Most Swedish motor locomotives operating industrial railroads have been of German origin. In the early years, brands like O&K Montania, Oberursel, and Deutz dominated the market, but pretty soon Swedish manufacturers started courting the customers’ approval.
Into the 1910s, three companies had estiblished solid market positions and stood out from the “critter crowd” with distinctive, well thought-out product ranges:
Over the years, the pioneer trio was challenged by more modern manufacturers like Bergbolagen, John Bergman, EWL, Industridiesel, Sala Maskinfabrik, and AB Slipmateriel.
- Warrant (Vara Gjuteri och Mek. Verkstad AB, Vara)
- Soderblom (Soderbloms Gjuteri AB, Eskilstuna)
- June (AB Jonkopings Motorfabrik, Jonkoping)
In the 1950s and 1960s, brands like AGV, GIA, and Oskarshamns Varv entered the scene. The latecomers specialized in compact designs mainly intended for tunnelling and contractors’ use.
There are still active narrow-gauged locomotives to be seen in Sweden. The few remaining survivors are mainly to be found in southern peat industries and sporadic tunnelling projects.
The first of our two models belongs to the classic pioneer trio. In its own way, the second one is a classic, too – but some twenty years younger.
SODERBLOMS GJUTERI AB, ESKILSTUNA
The company was established in 1877 as a foundry and repair shop. In course of time, steam engines and dairy equipment was added to the product roster, and in the beginning of the 20th century Soderblom’s started to manufacture trucks, motorcycles, rail speeders, stationary motors, and internal combustion locomotives. In 1916, the company was sold to Luth & Rosén Elektr. AB, a manufacturer of electric equipment who was in need of foundry capacity. Luth & Rosén was later incorporated with the ASEA group (today ABB).
The trucks and locomotives were listed in a common numerical series, but a complete works list doesn’t seem to exist. Some thirty locomotives have been identified, and the known number of trucks is about the same. The highest known works number applied to a locomotive is #193, so we may face a gray zone of perhaps up to 100 vehicles on either rubber or steel tyres!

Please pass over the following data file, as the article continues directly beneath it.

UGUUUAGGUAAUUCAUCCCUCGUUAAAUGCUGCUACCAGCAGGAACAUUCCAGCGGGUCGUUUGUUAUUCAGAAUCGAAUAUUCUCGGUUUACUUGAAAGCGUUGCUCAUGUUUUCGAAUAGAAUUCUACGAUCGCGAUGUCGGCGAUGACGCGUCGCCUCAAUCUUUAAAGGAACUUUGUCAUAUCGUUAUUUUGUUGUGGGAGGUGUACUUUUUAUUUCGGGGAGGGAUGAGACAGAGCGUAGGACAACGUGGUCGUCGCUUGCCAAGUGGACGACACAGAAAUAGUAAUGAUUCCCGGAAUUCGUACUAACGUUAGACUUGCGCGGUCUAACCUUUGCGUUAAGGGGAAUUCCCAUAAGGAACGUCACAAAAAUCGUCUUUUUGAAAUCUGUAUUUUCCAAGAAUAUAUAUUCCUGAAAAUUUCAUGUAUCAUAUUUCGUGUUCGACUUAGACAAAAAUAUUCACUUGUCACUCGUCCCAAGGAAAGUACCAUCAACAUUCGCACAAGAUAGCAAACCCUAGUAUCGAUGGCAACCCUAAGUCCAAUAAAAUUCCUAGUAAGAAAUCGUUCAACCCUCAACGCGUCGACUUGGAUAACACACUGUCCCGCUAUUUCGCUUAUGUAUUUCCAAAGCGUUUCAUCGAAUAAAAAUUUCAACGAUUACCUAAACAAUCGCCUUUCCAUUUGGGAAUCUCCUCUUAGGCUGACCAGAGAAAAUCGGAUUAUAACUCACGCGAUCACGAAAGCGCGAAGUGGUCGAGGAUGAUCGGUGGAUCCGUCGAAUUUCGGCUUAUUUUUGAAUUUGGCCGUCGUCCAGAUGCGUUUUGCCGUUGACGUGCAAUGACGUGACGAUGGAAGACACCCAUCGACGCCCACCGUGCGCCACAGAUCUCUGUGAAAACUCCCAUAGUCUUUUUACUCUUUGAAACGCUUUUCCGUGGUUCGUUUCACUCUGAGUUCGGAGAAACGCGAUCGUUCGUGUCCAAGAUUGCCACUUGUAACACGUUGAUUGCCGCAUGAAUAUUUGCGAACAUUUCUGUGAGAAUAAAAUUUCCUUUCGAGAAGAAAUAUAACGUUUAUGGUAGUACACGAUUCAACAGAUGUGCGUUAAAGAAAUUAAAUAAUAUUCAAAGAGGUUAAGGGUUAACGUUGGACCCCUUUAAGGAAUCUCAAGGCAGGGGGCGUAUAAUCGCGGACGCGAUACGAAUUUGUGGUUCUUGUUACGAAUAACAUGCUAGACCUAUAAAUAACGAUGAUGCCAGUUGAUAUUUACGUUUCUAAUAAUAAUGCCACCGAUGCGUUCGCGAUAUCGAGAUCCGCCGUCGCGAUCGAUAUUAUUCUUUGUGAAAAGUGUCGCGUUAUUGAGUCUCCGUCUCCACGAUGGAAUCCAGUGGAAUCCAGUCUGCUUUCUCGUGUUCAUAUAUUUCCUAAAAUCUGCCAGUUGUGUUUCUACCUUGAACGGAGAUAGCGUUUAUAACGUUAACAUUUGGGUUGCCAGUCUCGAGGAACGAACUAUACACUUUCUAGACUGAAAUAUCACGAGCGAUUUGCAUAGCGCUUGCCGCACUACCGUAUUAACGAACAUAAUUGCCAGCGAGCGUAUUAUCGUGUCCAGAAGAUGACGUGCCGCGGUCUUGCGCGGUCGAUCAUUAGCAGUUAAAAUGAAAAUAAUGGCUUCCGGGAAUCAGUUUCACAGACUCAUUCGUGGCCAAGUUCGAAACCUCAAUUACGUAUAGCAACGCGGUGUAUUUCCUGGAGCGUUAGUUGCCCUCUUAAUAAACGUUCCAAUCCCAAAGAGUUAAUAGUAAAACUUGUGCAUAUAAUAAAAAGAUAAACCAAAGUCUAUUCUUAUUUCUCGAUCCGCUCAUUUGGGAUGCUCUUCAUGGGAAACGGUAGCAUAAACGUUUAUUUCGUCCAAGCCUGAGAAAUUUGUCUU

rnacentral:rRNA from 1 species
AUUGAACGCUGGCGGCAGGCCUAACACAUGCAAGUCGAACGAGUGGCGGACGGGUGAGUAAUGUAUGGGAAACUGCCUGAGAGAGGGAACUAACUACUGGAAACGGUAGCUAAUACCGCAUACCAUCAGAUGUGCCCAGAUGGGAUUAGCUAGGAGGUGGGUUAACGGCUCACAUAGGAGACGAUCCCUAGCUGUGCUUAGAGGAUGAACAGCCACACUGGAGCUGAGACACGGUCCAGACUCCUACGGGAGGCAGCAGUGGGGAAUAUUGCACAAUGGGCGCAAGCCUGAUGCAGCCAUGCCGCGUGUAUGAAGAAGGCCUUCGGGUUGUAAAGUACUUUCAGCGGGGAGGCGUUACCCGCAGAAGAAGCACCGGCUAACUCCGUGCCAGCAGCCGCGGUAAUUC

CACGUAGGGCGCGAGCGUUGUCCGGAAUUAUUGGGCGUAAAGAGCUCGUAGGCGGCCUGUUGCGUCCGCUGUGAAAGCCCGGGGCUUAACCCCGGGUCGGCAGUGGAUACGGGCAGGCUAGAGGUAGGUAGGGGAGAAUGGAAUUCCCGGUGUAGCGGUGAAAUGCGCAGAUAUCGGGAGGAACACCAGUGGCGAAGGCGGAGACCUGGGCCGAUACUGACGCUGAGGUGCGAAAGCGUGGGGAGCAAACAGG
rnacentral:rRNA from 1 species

According to preserved Söderblom data sheets, the locomotives could be ordered in four standard sizes: 10, 12, 20, or 24 H.P. The two smaller classes were the most popular, only on 20 H.P. and two 24 H.P. locomotives have been identified. (Two locomotives with 18 H.P. motors are also known!)
The locomotives were equipped with Söderblom’s own vertical four-cycle engines with two, three or four cylinders. The little 10 H.P. model featured a two-cylinder motor, that was started on gasoline but switched over to cheap kerosene when warmed up.
Two Söderblom locomotives in close-to-original exterior condition are preserved in Västergötland, while an undercarriage with modern superstructure is still used by a peat industry in Skåne.
SALA MASKINFABRIKS AB, SALA
Sala Maskinfabriks AB was founded in 1895 and started as a local machine shop. In 1924, the company was sold to Tornborg & Lundbergh (trade mark: TORNO), a machine supplier with a strong position in the Swedish sawmill industry. In the early 1930s, Swedish insurance companies decided to accept the use of diesel motors with approved spark arresters in sawmills. The CEO of Tornborg & Lundbergh held a patent for a waterborne spark arrester, and hence a new market opened to the company!
During the 1930s and 1940s, a total of 66 internal combustion locomotives were manufactured. Most of them were equipped with English Lister diesels, but during WWII some locomotives had Swedish-built Albin engines installed. The locomotives were subdivided into three different classes (B, H, and W) and became quite popular with industries all over Sweden. Thirty-six of them were sold to sawmills, often in combination with rod-coupled and locomotive-driven TORNO loading pile elevators.
Our model is a typical W-8 locomotive (class W with an 8 H.P. engine). The major prototype has been works number 133/1938, the only locomotive delivered with folding chimney. Some typical features have also been added from other W-8s.
After having produced five battery and four trolley locomotives, the locomotive era in Sala ended in 1953. A handful of Sala locomotives can still be seen in the museum collections of OSlJ, Frovi Maskin- & Bruksbanemuseum, Foreningen Landabanan, and Banmuseet in Angelholm.
Further information about the Sala locomotives is given in the SJK book “Loktillverkningen vid Sala Maskinfabriks AB aren 1932-1953” (ISBN 91-85098-96-5). The book has a summary in English and is still for sale – visit the SJK Web Shop.